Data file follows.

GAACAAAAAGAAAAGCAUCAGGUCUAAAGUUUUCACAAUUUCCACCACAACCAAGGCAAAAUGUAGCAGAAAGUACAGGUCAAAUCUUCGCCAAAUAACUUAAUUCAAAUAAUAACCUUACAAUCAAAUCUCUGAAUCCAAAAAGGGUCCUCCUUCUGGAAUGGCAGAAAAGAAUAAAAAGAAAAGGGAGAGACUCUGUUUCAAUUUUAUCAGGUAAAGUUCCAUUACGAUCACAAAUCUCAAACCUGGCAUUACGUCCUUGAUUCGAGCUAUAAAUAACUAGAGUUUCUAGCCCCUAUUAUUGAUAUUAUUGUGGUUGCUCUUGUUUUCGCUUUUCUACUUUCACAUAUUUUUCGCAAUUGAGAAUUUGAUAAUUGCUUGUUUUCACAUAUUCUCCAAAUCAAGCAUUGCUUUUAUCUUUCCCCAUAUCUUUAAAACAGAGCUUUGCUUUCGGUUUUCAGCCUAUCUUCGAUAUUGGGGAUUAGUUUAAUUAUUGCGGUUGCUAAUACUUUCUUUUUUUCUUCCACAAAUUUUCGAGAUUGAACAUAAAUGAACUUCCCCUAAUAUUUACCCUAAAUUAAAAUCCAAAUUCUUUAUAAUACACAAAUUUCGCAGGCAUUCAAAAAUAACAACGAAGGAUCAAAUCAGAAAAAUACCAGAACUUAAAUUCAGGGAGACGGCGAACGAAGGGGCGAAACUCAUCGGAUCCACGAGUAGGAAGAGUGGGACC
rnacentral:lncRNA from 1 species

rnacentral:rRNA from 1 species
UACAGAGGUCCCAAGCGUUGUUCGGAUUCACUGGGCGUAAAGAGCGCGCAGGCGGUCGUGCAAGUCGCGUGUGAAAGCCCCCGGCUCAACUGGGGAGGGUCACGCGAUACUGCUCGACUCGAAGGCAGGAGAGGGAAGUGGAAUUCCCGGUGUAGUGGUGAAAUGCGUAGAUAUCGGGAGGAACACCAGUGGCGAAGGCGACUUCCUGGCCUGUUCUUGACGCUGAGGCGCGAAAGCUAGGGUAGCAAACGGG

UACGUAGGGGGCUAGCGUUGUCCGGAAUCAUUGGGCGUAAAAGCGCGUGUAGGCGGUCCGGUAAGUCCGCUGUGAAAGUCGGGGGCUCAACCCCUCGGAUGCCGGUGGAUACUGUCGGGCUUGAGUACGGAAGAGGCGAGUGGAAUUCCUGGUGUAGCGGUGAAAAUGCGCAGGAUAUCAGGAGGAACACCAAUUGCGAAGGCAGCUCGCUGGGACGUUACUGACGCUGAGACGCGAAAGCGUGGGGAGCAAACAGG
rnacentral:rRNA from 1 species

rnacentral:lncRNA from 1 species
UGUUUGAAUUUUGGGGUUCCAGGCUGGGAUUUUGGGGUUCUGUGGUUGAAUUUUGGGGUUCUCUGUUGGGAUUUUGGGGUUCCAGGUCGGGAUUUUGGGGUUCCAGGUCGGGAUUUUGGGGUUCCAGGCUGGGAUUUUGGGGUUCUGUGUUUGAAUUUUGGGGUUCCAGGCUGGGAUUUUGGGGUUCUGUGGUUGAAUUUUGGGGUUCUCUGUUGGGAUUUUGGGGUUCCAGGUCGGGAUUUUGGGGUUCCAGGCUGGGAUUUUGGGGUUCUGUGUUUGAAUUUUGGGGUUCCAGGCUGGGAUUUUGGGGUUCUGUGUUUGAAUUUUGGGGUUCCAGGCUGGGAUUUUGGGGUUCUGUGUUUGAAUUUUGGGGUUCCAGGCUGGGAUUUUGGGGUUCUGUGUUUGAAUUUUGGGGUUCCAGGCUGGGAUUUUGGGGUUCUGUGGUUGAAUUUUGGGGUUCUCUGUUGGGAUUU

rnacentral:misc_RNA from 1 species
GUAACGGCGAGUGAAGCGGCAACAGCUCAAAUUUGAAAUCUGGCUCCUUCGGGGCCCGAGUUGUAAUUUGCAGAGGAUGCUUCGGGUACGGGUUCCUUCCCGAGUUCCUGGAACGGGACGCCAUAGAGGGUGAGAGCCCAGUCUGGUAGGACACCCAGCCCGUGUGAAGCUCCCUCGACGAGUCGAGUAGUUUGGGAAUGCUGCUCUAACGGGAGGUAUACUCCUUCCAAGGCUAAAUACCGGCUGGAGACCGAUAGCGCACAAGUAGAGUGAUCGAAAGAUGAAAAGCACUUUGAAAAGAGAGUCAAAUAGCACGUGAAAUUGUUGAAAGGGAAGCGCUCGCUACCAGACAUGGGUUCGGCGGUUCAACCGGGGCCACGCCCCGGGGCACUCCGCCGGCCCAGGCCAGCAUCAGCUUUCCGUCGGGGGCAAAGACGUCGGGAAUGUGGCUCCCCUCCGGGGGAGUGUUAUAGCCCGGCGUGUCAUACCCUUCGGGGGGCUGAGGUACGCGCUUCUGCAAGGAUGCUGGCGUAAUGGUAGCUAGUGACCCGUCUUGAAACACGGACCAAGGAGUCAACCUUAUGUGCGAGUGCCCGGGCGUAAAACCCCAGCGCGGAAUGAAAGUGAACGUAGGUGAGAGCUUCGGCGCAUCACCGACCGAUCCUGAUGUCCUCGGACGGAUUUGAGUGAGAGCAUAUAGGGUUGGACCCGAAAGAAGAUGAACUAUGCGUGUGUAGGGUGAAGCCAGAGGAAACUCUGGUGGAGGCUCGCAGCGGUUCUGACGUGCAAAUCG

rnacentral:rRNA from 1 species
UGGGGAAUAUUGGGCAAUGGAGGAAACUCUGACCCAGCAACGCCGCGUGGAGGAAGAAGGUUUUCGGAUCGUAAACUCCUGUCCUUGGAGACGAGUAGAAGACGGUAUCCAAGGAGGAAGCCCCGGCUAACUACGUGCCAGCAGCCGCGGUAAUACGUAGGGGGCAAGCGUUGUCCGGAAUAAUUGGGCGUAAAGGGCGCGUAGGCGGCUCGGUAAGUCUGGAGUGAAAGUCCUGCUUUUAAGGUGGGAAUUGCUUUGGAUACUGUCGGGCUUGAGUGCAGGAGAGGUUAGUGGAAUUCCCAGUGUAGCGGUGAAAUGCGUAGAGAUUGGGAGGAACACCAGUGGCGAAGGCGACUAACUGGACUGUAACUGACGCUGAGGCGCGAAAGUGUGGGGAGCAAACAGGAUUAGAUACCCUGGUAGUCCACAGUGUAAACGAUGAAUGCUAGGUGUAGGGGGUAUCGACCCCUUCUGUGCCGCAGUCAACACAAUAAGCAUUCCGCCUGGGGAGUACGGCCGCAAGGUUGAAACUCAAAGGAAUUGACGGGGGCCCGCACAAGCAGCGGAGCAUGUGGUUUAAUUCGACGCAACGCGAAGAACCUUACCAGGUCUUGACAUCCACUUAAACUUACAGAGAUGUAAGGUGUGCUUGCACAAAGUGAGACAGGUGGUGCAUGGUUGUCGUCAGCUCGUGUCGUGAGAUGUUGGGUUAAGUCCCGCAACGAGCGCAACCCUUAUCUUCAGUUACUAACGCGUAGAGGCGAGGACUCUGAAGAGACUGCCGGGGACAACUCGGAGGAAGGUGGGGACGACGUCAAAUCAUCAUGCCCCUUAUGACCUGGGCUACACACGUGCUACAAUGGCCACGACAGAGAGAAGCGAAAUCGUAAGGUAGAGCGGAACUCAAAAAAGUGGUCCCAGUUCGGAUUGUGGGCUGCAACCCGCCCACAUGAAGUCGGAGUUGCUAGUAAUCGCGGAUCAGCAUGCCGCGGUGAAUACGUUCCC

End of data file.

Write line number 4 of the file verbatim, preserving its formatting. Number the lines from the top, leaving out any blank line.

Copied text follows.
UACAGAGGUCCCAAGCGUUGUUCGGAUUCACUGGGCGUAAAGAGCGCGCAGGCGGUCGUGCAAGUCGCGUGUGAAAGCCCCCGGCUCAACUGGGGAGGGUCACGCGAUACUGCUCGACUCGAAGGCAGGAGAGGGAAGUGGAAUUCCCGGUGUAGUGGUGAAAUGCGUAGAUAUCGGGAGGAACACCAGUGGCGAAGGCGACUUCCUGGCCUGUUCUUGACGCUGAGGCGCGAAAGCUAGGGUAGCAAACGGG